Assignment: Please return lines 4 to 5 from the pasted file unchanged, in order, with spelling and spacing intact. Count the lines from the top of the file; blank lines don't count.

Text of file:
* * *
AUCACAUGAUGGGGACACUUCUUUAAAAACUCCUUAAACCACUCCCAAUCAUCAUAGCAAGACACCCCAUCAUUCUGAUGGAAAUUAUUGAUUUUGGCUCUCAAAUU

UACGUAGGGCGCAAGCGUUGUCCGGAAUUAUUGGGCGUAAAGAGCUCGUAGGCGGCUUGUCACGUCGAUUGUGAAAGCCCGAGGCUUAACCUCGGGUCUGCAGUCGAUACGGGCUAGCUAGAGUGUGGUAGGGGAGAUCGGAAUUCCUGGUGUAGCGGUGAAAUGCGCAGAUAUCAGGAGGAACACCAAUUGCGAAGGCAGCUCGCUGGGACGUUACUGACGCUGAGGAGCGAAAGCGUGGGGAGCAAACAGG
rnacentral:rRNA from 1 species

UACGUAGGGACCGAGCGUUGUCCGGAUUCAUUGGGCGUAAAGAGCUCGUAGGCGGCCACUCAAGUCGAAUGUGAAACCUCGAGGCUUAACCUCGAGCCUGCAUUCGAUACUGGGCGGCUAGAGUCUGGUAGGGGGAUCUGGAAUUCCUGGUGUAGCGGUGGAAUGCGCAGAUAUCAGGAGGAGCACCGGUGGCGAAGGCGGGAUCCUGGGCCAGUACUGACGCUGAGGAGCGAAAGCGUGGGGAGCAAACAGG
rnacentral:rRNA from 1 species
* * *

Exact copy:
UACGUAGGGACCGAGCGUUGUCCGGAUUCAUUGGGCGUAAAGAGCUCGUAGGCGGCCACUCAAGUCGAAUGUGAAACCUCGAGGCUUAACCUCGAGCCUGCAUUCGAUACUGGGCGGCUAGAGUCUGGUAGGGGGAUCUGGAAUUCCUGGUGUAGCGGUGGAAUGCGCAGAUAUCAGGAGGAGCACCGGUGGCGAAGGCGGGAUCCUGGGCCAGUACUGACGCUGAGGAGCGAAAGCGUGGGGAGCAAACAGG
rnacentral:rRNA from 1 species